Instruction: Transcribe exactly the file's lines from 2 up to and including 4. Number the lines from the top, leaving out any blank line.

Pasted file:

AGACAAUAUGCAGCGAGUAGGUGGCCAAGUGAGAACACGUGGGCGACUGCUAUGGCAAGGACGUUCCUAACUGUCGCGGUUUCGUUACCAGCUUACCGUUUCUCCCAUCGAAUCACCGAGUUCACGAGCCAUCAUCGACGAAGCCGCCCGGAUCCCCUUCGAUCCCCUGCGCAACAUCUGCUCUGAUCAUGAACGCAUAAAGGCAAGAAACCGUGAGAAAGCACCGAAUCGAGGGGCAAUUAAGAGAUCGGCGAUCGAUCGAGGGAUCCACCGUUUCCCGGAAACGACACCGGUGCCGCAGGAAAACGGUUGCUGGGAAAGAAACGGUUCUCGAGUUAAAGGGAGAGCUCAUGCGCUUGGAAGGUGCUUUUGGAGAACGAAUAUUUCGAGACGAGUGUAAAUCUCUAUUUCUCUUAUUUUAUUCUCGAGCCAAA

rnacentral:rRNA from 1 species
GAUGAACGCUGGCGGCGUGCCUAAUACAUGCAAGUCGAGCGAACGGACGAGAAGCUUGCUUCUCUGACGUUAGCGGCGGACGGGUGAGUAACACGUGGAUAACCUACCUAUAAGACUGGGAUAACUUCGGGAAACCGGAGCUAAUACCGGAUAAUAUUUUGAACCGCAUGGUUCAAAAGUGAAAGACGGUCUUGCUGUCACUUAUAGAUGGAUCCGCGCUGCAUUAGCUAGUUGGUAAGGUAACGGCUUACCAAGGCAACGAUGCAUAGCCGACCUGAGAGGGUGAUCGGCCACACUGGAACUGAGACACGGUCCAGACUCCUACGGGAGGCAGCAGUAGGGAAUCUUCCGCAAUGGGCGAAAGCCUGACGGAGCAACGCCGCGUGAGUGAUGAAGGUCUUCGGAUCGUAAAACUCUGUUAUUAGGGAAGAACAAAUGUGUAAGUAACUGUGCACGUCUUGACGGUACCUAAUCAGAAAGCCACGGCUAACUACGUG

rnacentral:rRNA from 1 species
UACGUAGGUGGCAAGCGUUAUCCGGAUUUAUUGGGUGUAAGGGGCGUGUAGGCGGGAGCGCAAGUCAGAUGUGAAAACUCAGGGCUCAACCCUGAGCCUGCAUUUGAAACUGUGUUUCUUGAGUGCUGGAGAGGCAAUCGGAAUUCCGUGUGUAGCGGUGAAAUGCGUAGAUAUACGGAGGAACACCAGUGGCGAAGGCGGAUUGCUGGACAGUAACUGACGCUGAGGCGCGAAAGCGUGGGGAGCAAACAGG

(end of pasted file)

rnacentral:rRNA from 1 species
GAUGAACGCUGGCGGCGUGCCUAAUACAUGCAAGUCGAGCGAACGGACGAGAAGCUUGCUUCUCUGACGUUAGCGGCGGACGGGUGAGUAACACGUGGAUAACCUACCUAUAAGACUGGGAUAACUUCGGGAAACCGGAGCUAAUACCGGAUAAUAUUUUGAACCGCAUGGUUCAAAAGUGAAAGACGGUCUUGCUGUCACUUAUAGAUGGAUCCGCGCUGCAUUAGCUAGUUGGUAAGGUAACGGCUUACCAAGGCAACGAUGCAUAGCCGACCUGAGAGGGUGAUCGGCCACACUGGAACUGAGACACGGUCCAGACUCCUACGGGAGGCAGCAGUAGGGAAUCUUCCGCAAUGGGCGAAAGCCUGACGGAGCAACGCCGCGUGAGUGAUGAAGGUCUUCGGAUCGUAAAACUCUGUUAUUAGGGAAGAACAAAUGUGUAAGUAACUGUGCACGUCUUGACGGUACCUAAUCAGAAAGCCACGGCUAACUACGUG

rnacentral:rRNA from 1 species